Learning happens at home and revision takes place in the classroom – the conventional way of learning has been reversed for students in Yishun Secondary School in their flipped classroom.
The Evolution of Learning
“Our students study and interact with each other in ways that are so different from what we did when we were growing up,” says Mrs Simmi Govindani, a Lead Teacher from Yishun Secondary School. “These changes are, to a great extent, brought about due to technological advances and Web 2.0 tools that are so pervasive nowadays.”
Hence, there is a need for teachers to evolve, and explore new and innovative ways to engage these digital natives.
During the weekly timetabled sessions in school, Simmi led a group of Math teachers to explore innovative teaching pedagogy in the form of flipped classroom. It was then introduced in her Secondary 3 Express Elementary Math (E Math) and Additional Math classes.
One of the aims of the flipped classroom is to cultivate intrinsic motivation and the spirit of independent learning in students. In other words, students are made aware that they can learn through multiple resources – even without the teachers.
Flipping the Classroom
Pre-recorded lessons, online videos and quizzes – these are some of the main ingredients of a flipped classroom.
By harnessing the affordances of such technology through the school’s Learning Management System (LMS), it was possible for Simmi and her colleagues to engage and stretch their students further. The online quizzes also allow them to receive immediate feedback on their learning
“We started small with topics like Inequalities and Cumulative Frequency Curves in E Math via the Math LMS portal,” Simmi shares. Eventually, she started to record herself teaching the topic on Binomial Theorem and uploaded the video on YouTube. Back at home, students watched these videos to understand the content.
“By allowing students to study at their own pace at home, the weaker ones were able to understand the concepts better because they could ‘rewind’ me,” she adds.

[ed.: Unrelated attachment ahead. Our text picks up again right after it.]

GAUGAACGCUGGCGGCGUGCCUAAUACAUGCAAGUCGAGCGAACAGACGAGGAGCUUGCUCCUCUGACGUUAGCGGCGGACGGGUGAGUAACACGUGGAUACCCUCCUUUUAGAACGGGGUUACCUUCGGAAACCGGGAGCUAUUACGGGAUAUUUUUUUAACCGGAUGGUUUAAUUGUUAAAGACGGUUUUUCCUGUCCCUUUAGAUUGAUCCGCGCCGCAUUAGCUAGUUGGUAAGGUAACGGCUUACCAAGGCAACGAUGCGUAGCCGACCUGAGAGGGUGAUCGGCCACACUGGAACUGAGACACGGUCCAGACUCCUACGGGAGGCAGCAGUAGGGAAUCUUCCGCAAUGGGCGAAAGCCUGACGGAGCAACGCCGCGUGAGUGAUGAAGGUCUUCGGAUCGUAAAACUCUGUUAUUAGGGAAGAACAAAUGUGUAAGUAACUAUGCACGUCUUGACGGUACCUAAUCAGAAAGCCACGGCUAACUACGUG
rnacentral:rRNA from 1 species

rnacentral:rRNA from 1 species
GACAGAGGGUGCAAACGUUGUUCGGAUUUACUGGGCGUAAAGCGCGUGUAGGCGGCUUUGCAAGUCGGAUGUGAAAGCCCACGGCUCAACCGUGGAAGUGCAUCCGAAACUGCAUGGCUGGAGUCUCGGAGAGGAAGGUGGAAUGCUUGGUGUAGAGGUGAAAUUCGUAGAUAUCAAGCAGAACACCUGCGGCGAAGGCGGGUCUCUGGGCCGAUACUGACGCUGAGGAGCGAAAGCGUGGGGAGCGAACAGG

The next day, the teacher will facilitate the students learning in class through appropriate questioning, which help to clarify their doubts and consolidate their learning.
Not only does the flipped classroom allow for more time for students to clarify their doubts and more space for student–teacher interaction, it also inculcates the spirit of wanting to learn – even when they are not in the classroom.
However, this change does not happen overnight. For Simmi, she believes that having a positive mind-set in both teaching and learning helps.
By allowing students to study at their own pace at home, the weaker ones were able to understand the concepts better because they could “rewind” me.
– Simmi Naresh, Yishun Secondary School
“By introducing our students to the vast technological resources available online, we hope to make them self-directed learners, problem solvers and future-ready,” Simmi says. ”They will see that it’s not just about the teachers.”
This helps open their minds to the idea that their teachers are not the only people who can help them study and learn new things.
Back in the classroom, Simmi also noticed that some of her better students were able to help their weaker peers – a form or collaboration and peer tutoring that Simmi believe is a great learning experience for them. It also helps build their teamwork abilities and frees the teacher to give more one-to-one instruction.
If there is one surprise that students have with the flipped classroom, it is definitely discovering that learning is possible anywhere. In fact, some of them even realize that they can learn well on their own!